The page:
Don’t Skimp on Sleep

Casual runners often find that running is an easy way to tire you out for sleep, but it’s actually quite common for regular runners, particularly during training, to experience insomnia. The reason for this isn’t entirely clear, but overtraining may play a possible role. You can help sleep come easier by running early in the day or evening, as opposed to an hour or two before bed. Make sure that you’re well-nourished and hydrated during your runs and throughout the day. If it’s stress that’s keeping you awake, come up with a routine to help you unwind. Reading a book, journaling your stresses, doing some restorative yoga, or participating in tai chi are all ways to help strengthen the mind and calm the body for a more restful sleep.

You might also try having certain plants in the bedroom that are more likely to promote healthy sleep. While everyone is different, active runners should strive for at least the classic eight hours a night of quality sleep. Being well-rested will help your body to perform at its peak ability.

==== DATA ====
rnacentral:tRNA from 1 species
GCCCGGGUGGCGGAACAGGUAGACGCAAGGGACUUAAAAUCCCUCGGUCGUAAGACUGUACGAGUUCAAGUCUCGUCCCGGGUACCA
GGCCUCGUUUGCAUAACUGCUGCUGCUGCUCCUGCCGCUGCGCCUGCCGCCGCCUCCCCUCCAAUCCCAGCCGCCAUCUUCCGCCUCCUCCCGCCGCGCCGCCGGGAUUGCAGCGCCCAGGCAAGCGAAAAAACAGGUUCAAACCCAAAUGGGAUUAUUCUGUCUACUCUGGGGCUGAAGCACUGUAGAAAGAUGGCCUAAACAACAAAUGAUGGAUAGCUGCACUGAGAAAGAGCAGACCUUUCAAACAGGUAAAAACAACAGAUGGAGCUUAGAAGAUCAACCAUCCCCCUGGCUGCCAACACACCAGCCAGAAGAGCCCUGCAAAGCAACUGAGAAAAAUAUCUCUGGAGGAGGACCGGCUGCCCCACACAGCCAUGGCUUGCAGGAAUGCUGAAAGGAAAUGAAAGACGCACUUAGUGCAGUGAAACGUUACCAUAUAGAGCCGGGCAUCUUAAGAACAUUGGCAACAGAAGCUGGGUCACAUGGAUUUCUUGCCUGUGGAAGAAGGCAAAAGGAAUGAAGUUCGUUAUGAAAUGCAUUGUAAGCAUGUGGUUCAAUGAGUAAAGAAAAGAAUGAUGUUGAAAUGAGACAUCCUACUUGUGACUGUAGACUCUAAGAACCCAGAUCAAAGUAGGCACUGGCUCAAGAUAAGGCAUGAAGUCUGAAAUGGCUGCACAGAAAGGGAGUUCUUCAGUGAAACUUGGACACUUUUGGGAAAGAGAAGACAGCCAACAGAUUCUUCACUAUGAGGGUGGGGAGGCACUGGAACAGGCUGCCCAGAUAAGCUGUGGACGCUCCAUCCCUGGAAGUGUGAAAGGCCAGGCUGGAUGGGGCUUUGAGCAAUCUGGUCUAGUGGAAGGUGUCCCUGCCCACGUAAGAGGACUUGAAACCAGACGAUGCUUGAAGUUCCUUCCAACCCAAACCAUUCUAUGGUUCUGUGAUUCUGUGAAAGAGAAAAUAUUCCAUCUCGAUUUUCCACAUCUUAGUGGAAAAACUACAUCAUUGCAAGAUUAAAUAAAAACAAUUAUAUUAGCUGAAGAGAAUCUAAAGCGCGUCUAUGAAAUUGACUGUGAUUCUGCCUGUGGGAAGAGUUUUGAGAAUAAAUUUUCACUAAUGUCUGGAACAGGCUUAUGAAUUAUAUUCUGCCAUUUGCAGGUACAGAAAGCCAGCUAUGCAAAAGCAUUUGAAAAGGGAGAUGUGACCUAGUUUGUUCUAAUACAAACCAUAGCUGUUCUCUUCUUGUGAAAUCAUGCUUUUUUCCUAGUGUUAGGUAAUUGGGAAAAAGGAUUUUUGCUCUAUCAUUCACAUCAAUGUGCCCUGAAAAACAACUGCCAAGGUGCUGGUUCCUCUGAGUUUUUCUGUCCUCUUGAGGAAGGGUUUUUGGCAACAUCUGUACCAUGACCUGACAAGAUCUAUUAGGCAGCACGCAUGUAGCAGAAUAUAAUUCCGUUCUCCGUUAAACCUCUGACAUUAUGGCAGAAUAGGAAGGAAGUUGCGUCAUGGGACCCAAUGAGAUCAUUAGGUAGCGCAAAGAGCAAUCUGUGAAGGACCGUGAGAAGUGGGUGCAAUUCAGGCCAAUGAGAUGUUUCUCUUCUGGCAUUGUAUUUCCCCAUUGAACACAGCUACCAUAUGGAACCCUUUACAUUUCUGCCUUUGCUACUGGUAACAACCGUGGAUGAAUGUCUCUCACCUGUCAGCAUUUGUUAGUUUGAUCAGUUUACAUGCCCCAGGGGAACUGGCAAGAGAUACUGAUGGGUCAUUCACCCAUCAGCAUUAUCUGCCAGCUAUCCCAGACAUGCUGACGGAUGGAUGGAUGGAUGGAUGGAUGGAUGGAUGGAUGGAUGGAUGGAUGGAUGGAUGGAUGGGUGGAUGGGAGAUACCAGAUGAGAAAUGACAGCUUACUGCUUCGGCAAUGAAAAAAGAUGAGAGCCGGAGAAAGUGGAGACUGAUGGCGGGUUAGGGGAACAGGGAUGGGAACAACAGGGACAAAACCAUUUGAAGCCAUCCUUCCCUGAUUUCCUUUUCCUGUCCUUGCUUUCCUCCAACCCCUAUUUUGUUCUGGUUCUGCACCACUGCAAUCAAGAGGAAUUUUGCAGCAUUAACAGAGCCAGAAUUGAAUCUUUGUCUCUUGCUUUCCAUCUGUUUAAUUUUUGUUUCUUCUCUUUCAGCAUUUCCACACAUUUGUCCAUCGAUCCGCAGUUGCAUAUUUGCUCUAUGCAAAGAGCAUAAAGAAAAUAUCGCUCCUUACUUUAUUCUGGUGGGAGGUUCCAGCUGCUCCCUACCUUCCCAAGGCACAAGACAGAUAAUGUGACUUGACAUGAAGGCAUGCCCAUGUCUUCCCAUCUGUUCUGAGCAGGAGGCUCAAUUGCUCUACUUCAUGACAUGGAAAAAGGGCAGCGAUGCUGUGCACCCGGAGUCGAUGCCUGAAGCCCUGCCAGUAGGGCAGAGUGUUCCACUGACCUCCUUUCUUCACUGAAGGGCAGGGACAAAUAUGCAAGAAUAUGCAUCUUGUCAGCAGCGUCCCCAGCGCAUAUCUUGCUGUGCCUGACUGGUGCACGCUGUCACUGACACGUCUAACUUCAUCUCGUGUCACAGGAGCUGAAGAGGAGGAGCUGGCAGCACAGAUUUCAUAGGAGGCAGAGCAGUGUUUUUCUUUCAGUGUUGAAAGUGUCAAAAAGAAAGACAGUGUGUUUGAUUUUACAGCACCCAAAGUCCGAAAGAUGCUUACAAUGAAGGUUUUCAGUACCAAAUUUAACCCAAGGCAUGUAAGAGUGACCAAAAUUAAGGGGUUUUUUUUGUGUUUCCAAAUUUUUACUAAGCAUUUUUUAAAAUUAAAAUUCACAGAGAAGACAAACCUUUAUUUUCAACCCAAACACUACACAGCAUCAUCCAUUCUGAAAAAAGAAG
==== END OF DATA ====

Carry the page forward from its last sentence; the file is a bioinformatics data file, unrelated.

Remember Nutrition

Poor nutrition negatively affects your body and your performance as a runner. Carbs are discussed frequently around the time of a big race, but when planning for the big event, you want to be eating less-refined carbohydrates, like whole grain breads and wheat pastas, as opposed to refined carbohydrates that lead to blood sugar spikes. Lean meats, vegetables, fruits, nuts, and nut butters all provide the right balance of protein and fat that is particularly important during the recovery period post-run. Take it easy on the caffeine, however. While runners can and do enjoy their coffee and tea, too much caffeine can make it harder to get a restful sleep.

Care for Your Body

There are many different injuries that affect runners, with iliotibial band syndrome being one of the most common. With IT band syndrome, the thick band of connective tissue that runs the length of your thigh down to your shin bone becomes tight, swelling with inflammation and pain. IT band syndrome is one of the most common causes of knee pain in runners, and it can come on in even the most experienced athletes. It’s especially common in athletes who suddenly get back into training after taking a break from running.